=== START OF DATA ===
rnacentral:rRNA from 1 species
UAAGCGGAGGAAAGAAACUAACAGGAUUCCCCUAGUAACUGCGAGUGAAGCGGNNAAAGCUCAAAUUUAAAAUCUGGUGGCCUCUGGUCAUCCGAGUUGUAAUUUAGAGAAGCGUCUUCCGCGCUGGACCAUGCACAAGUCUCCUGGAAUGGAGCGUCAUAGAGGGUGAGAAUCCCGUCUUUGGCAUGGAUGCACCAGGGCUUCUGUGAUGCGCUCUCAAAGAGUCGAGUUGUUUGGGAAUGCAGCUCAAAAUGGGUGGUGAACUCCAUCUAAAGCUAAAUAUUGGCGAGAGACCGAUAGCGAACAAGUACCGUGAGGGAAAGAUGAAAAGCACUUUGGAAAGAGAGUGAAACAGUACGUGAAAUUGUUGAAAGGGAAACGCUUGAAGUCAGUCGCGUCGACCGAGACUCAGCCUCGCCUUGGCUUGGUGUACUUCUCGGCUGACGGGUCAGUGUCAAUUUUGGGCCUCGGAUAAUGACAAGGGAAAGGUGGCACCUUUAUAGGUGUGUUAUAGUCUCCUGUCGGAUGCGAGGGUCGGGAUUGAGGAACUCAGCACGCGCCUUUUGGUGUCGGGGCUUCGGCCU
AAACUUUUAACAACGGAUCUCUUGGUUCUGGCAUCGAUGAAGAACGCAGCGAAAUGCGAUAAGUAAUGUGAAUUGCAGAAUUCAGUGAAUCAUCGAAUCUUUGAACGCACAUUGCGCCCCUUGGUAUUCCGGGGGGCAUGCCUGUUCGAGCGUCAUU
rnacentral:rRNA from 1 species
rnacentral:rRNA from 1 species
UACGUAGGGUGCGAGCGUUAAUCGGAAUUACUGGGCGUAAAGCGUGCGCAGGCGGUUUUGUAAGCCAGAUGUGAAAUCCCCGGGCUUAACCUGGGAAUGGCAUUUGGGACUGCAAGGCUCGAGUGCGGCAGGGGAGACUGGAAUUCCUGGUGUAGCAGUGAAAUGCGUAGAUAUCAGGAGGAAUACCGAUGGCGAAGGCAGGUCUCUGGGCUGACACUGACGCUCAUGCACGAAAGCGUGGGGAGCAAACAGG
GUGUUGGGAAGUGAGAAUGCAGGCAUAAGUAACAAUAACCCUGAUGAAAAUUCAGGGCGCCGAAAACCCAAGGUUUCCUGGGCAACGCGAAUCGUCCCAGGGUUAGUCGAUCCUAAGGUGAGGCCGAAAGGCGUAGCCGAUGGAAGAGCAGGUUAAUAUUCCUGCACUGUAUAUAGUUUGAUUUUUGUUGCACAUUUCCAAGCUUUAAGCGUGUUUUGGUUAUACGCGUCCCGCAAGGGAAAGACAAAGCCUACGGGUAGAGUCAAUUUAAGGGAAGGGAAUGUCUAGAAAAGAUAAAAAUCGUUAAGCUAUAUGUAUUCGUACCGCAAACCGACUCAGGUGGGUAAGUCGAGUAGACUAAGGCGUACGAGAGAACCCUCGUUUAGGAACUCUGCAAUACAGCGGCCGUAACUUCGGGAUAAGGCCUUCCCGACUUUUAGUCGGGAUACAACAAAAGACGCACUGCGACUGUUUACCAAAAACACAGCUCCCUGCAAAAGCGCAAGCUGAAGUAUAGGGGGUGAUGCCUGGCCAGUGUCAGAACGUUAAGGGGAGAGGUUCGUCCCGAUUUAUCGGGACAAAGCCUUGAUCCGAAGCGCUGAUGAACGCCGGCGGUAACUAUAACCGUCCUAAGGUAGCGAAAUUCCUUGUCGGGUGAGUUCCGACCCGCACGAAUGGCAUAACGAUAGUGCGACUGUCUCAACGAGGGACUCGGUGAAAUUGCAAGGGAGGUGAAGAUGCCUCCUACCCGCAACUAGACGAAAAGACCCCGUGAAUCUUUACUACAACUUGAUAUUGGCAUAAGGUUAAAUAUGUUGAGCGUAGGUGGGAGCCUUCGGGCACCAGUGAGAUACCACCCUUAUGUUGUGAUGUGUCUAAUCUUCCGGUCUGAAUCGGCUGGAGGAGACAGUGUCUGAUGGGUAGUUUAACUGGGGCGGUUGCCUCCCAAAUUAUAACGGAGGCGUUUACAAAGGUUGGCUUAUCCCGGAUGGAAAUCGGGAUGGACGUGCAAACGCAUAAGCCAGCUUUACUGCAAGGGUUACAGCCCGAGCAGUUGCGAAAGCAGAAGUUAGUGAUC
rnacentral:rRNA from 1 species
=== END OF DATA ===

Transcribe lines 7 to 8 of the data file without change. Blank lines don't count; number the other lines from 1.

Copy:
GUGUUGGGAAGUGAGAAUGCAGGCAUAAGUAACAAUAACCCUGAUGAAAAUUCAGGGCGCCGAAAACCCAAGGUUUCCUGGGCAACGCGAAUCGUCCCAGGGUUAGUCGAUCCUAAGGUGAGGCCGAAAGGCGUAGCCGAUGGAAGAGCAGGUUAAUAUUCCUGCACUGUAUAUAGUUUGAUUUUUGUUGCACAUUUCCAAGCUUUAAGCGUGUUUUGGUUAUACGCGUCCCGCAAGGGAAAGACAAAGCCUACGGGUAGAGUCAAUUUAAGGGAAGGGAAUGUCUAGAAAAGAUAAAAAUCGUUAAGCUAUAUGUAUUCGUACCGCAAACCGACUCAGGUGGGUAAGUCGAGUAGACUAAGGCGUACGAGAGAACCCUCGUUUAGGAACUCUGCAAUACAGCGGCCGUAACUUCGGGAUAAGGCCUUCCCGACUUUUAGUCGGGAUACAACAAAAGACGCACUGCGACUGUUUACCAAAAACACAGCUCCCUGCAAAAGCGCAAGCUGAAGUAUAGGGGGUGAUGCCUGGCCAGUGUCAGAACGUUAAGGGGAGAGGUUCGUCCCGAUUUAUCGGGACAAAGCCUUGAUCCGAAGCGCUGAUGAACGCCGGCGGUAACUAUAACCGUCCUAAGGUAGCGAAAUUCCUUGUCGGGUGAGUUCCGACCCGCACGAAUGGCAUAACGAUAGUGCGACUGUCUCAACGAGGGACUCGGUGAAAUUGCAAGGGAGGUGAAGAUGCCUCCUACCCGCAACUAGACGAAAAGACCCCGUGAAUCUUUACUACAACUUGAUAUUGGCAUAAGGUUAAAUAUGUUGAGCGUAGGUGGGAGCCUUCGGGCACCAGUGAGAUACCACCCUUAUGUUGUGAUGUGUCUAAUCUUCCGGUCUGAAUCGGCUGGAGGAGACAGUGUCUGAUGGGUAGUUUAACUGGGGCGGUUGCCUCCCAAAUUAUAACGGAGGCGUUUACAAAGGUUGGCUUAUCCCGGAUGGAAAUCGGGAUGGACGUGCAAACGCAUAAGCCAGCUUUACUGCAAGGGUUACAGCCCGAGCAGUUGCGAAAGCAGAAGUUAGUGAUC
rnacentral:rRNA from 1 species